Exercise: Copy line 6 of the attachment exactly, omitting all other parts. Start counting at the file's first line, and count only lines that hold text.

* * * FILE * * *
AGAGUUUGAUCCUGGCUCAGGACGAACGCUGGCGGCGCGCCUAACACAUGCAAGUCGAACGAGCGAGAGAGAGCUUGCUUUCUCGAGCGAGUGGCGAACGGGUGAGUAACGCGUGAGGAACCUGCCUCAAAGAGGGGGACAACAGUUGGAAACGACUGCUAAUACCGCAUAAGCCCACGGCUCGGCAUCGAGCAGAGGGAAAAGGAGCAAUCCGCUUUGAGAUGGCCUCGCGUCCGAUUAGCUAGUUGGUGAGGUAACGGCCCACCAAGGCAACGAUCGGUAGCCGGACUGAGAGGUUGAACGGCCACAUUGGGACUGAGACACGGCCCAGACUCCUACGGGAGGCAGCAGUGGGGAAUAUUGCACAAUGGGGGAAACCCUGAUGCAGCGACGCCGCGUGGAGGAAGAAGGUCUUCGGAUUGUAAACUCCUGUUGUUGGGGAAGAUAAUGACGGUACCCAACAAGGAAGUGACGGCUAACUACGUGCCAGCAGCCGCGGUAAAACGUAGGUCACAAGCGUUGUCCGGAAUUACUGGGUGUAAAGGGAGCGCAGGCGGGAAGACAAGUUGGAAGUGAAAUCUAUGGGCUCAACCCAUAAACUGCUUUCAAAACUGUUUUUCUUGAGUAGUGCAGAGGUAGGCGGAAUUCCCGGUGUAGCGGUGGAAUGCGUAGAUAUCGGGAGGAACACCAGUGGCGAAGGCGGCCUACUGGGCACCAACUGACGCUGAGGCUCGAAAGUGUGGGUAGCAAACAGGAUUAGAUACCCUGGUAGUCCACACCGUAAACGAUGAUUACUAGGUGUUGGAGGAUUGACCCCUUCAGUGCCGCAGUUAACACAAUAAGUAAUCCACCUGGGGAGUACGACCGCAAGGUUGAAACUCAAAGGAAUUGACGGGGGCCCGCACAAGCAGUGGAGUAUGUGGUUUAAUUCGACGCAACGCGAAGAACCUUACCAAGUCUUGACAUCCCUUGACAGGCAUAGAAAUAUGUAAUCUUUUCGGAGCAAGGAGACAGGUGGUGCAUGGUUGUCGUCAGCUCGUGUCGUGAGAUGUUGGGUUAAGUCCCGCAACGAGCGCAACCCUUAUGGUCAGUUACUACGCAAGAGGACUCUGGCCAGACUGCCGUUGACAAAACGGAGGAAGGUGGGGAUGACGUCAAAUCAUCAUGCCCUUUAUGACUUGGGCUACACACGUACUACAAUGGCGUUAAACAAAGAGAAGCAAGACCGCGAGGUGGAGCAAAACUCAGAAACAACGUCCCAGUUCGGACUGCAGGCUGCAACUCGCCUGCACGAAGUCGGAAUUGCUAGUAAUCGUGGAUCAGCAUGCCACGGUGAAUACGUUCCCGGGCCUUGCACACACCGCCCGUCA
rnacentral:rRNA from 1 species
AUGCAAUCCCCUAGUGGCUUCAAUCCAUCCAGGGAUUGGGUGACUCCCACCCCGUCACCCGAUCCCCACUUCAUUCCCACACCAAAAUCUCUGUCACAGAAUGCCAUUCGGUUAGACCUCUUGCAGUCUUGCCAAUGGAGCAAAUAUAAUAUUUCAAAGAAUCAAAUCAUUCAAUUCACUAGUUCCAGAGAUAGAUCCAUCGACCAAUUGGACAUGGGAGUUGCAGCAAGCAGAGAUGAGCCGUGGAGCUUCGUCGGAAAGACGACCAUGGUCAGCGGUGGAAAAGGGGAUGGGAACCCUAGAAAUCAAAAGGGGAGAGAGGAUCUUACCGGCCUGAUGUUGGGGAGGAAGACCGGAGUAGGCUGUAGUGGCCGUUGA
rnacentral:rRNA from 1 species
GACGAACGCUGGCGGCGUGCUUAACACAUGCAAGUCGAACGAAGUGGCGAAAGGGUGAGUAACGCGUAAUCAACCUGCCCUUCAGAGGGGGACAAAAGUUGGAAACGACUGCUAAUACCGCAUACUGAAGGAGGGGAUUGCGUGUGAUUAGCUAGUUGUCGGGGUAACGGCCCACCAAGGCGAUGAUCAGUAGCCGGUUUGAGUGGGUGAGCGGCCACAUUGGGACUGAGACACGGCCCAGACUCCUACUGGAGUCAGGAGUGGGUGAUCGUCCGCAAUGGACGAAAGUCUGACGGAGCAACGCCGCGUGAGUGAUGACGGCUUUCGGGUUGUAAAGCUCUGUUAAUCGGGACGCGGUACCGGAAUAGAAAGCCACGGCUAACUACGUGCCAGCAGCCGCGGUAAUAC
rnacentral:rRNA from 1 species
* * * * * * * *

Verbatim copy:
rnacentral:rRNA from 1 species